Eventually you get to a point in mid-adulthood, having digested a few newspapers and muted a few politicians, when you start to wonder: do cities actually want their women to die? Otherwise, why take these backward steps, cutting services so that more and more women’s refuges are forced to close? Backward steps – no, it’s more like being dragged through shrubland into a dimmer, darker place.
Sunderland is about to become the first UK city without a single domestic violence refuge. The bleakness of this is exhausting. The knowledge that even if a woman in Sunderland finds the courage, cash and energy to leave the partner that hits her, soon there will be nowhere for her to go. The chances are she will end up on the streets (St Mungo’s reports a third of the women they work with say domestic violence contributed to their homelessness) or in a B&B, floundering with no support, no advice on how to begin a life alone, and of course that itch, that feeling that she will always be listening for steps behind her, that she is never safe. Or else, of course, like the two women murdered by their partners in England and Wales every week, she’ll return to a man that kills her.
And the irony is that – apart from at this very sharpest end of the issue, where hundreds of women are being turned away from refuges, due in part to almost a fifth closing since 2010 – elsewhere hard work is paying off. Police now know how to talk to victims of abuse, how to deal with the shadowy cases, the crimes that happen in family homes. Schools now teach pupils the acceptable boundaries of relationships, due to charities working tirelessly to research and fight dating abuse, and expose the horrors of being 14 and terrified. Yet still, if a woman runs, cuts in funding mean she’ll have nowhere to go.
It took a long time to get here, to a place where we could talk about domestic violence, and then acknowledge the many forms it can take, and then the difficulties of escaping it. It took a long time before refuges opened across the country, offering beds and safety to women whose black eyes had been politely ignored by their bosses, at home their children silently watching the ads.
A couple of years ago, Jenny Smith wrote The Refuge, a book about finding sanctuary in the world’s first safe house for women. It was May 1973, when women weren’t allowed to apply for a mortgage without a man, and there was no such thing as marital rape. After two years of being kicked around, people turning away when her husband hit her on the street, she happened upon a piece in the Daily Mirror which read: “Victims of domestic violence? Need help?”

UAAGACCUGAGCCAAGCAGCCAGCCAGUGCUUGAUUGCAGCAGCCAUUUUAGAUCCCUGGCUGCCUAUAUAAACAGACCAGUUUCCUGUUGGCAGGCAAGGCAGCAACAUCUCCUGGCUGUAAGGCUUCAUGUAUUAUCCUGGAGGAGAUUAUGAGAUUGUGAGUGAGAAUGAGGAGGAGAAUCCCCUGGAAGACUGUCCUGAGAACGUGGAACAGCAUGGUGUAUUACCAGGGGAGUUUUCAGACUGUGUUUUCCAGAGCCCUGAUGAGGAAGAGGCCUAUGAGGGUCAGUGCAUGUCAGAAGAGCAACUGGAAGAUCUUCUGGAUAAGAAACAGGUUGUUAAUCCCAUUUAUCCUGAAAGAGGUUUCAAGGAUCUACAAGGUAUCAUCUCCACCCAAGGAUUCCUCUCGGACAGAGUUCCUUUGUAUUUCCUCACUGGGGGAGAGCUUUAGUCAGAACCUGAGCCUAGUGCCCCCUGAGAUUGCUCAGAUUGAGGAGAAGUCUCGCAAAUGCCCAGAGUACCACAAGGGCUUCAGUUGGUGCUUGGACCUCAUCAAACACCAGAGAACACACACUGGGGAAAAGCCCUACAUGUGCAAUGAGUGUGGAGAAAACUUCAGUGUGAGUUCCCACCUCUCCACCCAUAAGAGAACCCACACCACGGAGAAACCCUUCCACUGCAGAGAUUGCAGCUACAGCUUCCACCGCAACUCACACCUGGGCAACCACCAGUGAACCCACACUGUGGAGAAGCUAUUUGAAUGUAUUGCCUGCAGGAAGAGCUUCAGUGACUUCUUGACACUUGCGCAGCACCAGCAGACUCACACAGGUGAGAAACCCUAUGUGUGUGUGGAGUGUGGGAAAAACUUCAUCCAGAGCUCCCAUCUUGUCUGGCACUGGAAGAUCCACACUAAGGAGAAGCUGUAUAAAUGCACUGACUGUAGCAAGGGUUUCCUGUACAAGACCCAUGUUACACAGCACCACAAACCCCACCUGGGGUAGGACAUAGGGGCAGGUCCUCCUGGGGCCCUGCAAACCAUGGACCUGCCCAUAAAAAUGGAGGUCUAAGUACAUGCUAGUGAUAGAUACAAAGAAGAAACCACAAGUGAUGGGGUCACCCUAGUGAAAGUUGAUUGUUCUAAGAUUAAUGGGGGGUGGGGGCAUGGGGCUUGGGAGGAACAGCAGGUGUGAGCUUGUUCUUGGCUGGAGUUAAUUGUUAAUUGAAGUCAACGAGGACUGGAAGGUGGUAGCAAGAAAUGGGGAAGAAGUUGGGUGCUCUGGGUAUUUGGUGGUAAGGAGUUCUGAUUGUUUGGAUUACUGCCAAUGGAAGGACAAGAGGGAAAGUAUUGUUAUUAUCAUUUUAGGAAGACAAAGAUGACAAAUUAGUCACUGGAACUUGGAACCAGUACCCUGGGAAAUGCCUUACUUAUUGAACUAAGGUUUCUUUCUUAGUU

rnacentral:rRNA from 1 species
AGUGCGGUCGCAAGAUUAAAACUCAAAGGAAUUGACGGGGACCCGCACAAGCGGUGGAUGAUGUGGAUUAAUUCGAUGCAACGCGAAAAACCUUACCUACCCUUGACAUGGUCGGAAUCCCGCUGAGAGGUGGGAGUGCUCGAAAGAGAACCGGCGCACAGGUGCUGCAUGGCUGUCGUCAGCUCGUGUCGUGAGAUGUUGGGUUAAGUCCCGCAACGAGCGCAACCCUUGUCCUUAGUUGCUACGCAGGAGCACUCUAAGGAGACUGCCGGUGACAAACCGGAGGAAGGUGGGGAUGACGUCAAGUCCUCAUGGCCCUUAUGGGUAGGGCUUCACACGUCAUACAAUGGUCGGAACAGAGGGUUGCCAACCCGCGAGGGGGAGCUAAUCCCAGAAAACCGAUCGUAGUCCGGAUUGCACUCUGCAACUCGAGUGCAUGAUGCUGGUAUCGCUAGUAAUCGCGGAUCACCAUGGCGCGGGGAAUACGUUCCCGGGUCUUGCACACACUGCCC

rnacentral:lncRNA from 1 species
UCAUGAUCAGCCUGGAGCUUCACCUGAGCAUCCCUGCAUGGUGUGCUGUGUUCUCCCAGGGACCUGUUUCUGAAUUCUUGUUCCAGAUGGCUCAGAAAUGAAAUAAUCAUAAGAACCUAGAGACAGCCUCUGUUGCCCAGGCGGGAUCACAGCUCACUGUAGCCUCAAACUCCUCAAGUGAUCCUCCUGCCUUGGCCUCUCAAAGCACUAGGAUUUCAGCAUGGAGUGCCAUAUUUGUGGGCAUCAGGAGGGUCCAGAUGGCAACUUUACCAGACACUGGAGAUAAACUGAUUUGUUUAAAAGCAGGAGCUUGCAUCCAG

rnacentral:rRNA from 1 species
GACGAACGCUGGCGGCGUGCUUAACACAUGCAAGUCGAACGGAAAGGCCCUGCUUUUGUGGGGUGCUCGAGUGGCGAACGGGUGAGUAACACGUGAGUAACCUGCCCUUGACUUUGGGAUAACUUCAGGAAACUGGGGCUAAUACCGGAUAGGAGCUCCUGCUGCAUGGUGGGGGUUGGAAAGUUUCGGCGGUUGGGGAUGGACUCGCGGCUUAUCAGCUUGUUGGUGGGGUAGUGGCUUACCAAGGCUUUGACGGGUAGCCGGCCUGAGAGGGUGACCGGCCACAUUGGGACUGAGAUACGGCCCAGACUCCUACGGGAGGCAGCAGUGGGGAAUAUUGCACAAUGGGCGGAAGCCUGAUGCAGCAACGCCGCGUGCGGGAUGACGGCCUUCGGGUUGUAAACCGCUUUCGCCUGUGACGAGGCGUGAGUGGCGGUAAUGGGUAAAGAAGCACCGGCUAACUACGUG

She hid the article under the carpet so he wouldn’t find it. He had beaten her, stabbed her, burned and bitten her – once he tried to drown her. When Smith arrived at the refuge – a terraced house on the other side of London – with her two babies, they welcomed her in, telling her she was safe.
Forty-four years later, two out of every three women that approach a refuge for help are being turned away. When we hear about Sunderland losing its last refuge, it’s as if another brick has been removed from that first safe house in London – it’s not safe. At it’s foundation, it’s not safe. It sounds flippant to wonder whether cities care about the lives of their vulnerable women, whether they want them to die, but all evidence points in that direction. The places those women go to stay alive are disappearing. It’s dreadful to revisit Smith’s book – those 1970s campaigners feeling they had achieved so much, only for the 2000s government to dismantle their efforts with shrugs and cuts.
Woman on the Edge of Time was first published 40 years ago and begun three-and-a-half years before that.The early 1970s were a time of great political ferment and optimism among those of us who longed for change, for a more just and egalitarian society with more opportunities for all the people, not just some of them. Since then, inequality has greatly increased.
At the time I wrote this novel, women were making huge gains in control of their bodies and their lives. Not only has that momentum been lost, but many of the rights we worked so hard to secure are being taken from us by Congress and state legislatures every year.
But we must also understand that the attempt to take away a woman’s control over her body is part of a larger attempt to take away any real control from most of the population. Now, corporations and the very wealthy 1% control elections. Now, the media are propaganda machines and the only investigative reporting is on Comedy Central, HBO, or the web.
The powers that be have allowed for certain social rather than economic gains. We’ll soon finally have legalised marijuana and gay marriage in every state – but unions are being crushed and the safety net of the New Deal and the Johnson era is being abolished one law at a time, while women are forced into the back-alley abortions that once killed so many. We have made some social gains and many economic losses. The real earning power of working people diminishes every year.
During the heyday of the second wave of the women’s movement, a number of utopias were created (Joanna Russ’s The Female Man, James Tiptree’s Houston, Houston Do You Read?, Ursula K Le Guin’s The Dispossessed, Elisabeth Mann Borgese’s My Own Utopia from The Ascent of Woman, and Sally Miller Gearhart’s The Wanderground among them) and now they aren’t. Why? Feminist utopias were created out of a hunger for what we didn’t have, at a time when change felt not only possible but probable. Utopias came from the desire to imagine a better society when we dared to do so. When our political energy goes into defending rights, and projects we won and created are now under attack, there is far less energy for imagining fully drawn future societies we might wish to live in.